Parking the car can be tough

We all have our challenges.

Some people aren’t good with numbers. With others, it’s exercise. With others, it’s technology.

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I am not good with any of those things — well, more or less. I know how to do simple arithmetic, I know how to turn on my computer and I go for a walk once in a while. But that’s about it.

But my biggest challenge is associated with our vehicle. That is, when it comes to parking.

I am not speaking here about anything as challenging as parallel parking. I am talking about heading straight into a spot delineated by two white lines.

I rarely get it right.

“You’re over the line,” the husband will observe, it seems every time I make the effort. “I’d back up and try again.”

So I do.

“You’re crooked,” the husband will say. “You’ll want to straighten up.”

As I say, it’s my personal challenge.

The husband isn’t without a few of his own.

His biggest, it seems to me, is associated with the dry cleaner, which we visit on an all-too-frequent basis.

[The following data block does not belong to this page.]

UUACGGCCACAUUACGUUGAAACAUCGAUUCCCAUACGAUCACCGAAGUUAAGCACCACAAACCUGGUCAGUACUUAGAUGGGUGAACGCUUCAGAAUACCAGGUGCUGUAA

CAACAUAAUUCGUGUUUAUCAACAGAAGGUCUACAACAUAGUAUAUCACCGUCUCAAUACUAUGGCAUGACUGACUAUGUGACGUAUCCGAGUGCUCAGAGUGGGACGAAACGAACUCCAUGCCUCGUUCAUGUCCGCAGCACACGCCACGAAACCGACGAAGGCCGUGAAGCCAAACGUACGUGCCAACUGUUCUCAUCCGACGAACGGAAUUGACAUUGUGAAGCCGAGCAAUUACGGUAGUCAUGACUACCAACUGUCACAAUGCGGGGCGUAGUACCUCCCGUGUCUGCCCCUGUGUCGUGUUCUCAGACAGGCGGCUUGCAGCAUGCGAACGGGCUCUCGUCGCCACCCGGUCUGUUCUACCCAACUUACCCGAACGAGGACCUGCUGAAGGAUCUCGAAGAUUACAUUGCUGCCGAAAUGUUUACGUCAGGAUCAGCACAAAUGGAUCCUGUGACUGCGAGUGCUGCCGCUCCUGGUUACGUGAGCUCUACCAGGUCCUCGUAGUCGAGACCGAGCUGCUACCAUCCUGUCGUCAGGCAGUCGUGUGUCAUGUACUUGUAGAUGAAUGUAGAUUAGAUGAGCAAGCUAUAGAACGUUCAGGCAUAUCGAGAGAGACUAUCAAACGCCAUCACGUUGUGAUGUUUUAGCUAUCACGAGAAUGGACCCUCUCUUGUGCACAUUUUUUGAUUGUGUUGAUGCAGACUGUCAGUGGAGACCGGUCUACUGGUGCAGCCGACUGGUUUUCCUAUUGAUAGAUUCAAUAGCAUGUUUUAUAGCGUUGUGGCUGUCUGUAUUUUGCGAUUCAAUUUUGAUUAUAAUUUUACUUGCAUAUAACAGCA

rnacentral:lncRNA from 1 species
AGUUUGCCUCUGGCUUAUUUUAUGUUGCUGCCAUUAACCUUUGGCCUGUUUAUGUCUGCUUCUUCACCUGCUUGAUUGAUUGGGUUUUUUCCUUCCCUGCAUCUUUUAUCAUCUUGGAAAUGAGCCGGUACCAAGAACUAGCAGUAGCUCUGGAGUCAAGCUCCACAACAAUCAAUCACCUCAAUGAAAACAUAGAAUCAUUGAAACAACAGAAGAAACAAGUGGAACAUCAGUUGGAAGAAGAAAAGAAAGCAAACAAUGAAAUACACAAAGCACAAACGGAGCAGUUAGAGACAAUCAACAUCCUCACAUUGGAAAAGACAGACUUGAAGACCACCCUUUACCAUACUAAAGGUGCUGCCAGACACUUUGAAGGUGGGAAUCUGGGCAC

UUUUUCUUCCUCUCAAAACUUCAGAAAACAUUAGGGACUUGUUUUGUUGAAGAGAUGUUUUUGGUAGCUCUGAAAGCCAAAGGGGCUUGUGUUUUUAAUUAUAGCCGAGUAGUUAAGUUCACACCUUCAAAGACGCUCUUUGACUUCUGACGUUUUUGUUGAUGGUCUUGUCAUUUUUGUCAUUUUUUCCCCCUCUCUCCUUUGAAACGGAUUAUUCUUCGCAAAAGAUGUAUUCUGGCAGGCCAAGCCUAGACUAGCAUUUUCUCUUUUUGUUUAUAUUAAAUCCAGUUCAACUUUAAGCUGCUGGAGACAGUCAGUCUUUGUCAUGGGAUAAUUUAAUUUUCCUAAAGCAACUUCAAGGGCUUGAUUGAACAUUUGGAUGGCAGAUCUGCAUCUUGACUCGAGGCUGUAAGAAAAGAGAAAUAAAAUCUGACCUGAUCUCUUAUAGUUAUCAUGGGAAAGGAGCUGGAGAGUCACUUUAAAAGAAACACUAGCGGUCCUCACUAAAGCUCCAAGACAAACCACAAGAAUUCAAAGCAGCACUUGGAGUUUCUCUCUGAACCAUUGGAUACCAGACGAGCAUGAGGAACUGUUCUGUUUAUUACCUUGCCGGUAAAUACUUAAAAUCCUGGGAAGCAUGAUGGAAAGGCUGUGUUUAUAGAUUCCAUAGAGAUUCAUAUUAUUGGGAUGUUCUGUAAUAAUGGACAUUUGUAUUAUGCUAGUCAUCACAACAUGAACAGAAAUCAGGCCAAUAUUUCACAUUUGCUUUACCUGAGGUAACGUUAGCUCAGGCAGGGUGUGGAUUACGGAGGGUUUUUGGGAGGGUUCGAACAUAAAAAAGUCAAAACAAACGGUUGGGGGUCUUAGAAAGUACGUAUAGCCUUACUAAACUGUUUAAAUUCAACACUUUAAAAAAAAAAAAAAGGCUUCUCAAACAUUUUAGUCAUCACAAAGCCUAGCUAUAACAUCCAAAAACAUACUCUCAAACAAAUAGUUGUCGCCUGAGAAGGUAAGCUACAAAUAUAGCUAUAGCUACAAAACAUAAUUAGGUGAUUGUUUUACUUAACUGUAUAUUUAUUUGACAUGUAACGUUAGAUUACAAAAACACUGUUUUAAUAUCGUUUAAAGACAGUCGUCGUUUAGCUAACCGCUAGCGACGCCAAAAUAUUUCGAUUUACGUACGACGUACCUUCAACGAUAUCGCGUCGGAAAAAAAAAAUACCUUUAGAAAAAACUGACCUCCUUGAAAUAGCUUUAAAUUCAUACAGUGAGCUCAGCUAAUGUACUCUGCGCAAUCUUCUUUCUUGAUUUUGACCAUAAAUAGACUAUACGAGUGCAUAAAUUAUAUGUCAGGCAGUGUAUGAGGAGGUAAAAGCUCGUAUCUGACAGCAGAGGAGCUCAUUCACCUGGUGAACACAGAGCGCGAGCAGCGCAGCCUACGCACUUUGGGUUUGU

“Oh, drat,” he said the other day. We were out for dim sum and some soy sauce had landed on his shirt. “I guess I’m off to the dry cleaner.”

The week before it was Gatorade, which he’d dripped on his sweater. The week before that, it was plum sauce.

The husband’s garments, in fact, have been visited by all manner of substances — everything from coffee to ketchup.

Let’s just say we spend a small fortune on dry cleaning, and ought to be sending the dry cleaning folks an annual Christmas card.

Let’s just say that the other day when we were drawing up a budget for retirement — it’s coming one day soon — this entered the discussion.

“So let’s see,” said the husband. “In an average month, we’ll want to put aside — what? — $800 a month for food, $150 for gas and $400 for taxes. I think we’ll be able to manage.”

“You’re forgetting something,” I said. “The dry cleaning.”

“Yikes,” said the husband. “You’re absolutely right.”

At the current rate, we figured, we’d need to reserve several thousand dollars a year just to clean the husband’s clothes. That’s no chump change.

In a perfect world, I suppose the husband and I would seek out personal trainers: one for me to assist with parking, and one for him to assist with food.

We both have our challenges, that much we know. We’ll take any help we can get.

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